The entry level employee has the trouble that they don't want to rock the boat too much, their livelihood and survival is often on the line, and whistle-blowing often comes with a lot more baggage than an entry level employee is willing to take up. Ethics violations at this level will often take large amounts of documentation to support, as well as an employee being in a position to suffer the loss of their job in order to bring the issue to light, and even then the possibility that the company might suffer in any meaningful manner would all depend on what the individual could prove, and how widespread the practice is, which is hard for an individual stuck in one location to really nail down, at worst the individual may result in a localized practice getting caught, a small fine and an employee out of a job. So it would need to be a pretty large or obviously bad problem to necessitate this kind of response, if the individual even realizes the scope or scale of the problem. Sometimes, disposing of one thing improperly doesn't seem so bad now and again, but when it turns out the whole company is dumping the same thing in the same river from one location, the urgency may not be apparent to the worker who doesn't actively see it, and so the compulsion to stand up and do what is right is once again abrogated. However, since many ethical lapses are not explicitly illegal, and won't likely be seen on the entry level on any scale, the likelihood something will be done is very small.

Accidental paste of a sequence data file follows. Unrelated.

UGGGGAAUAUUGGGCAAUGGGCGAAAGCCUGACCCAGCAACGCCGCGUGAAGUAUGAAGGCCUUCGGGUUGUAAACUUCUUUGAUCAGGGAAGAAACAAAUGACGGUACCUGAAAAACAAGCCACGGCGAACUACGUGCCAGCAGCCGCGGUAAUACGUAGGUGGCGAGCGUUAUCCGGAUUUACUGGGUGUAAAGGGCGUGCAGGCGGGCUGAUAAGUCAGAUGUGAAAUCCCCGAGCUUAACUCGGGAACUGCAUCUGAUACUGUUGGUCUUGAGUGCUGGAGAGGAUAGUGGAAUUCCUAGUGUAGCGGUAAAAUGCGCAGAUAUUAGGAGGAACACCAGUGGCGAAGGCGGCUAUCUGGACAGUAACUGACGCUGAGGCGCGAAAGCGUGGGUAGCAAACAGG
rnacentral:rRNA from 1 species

Mid-Level employees are in a position to see more of what is going on, but also in no position to do too much about it, without going to great lengths to confront the issue. You also have to think about the added pressure that comes with knowing how replaceable you are, if you stand up for employees and the people above you don't see eye to eye, then you can easily be replaced by someone who will see eye to eye, it is, after all, your job as a mid level employee to implement the will of the executives, and if this unethical practice is legal, then you'd be potentially losing your job over nothing, because unless all of mid-level management is going to stand with you, you're not likely to change anything with your opposition to a decision by people above you.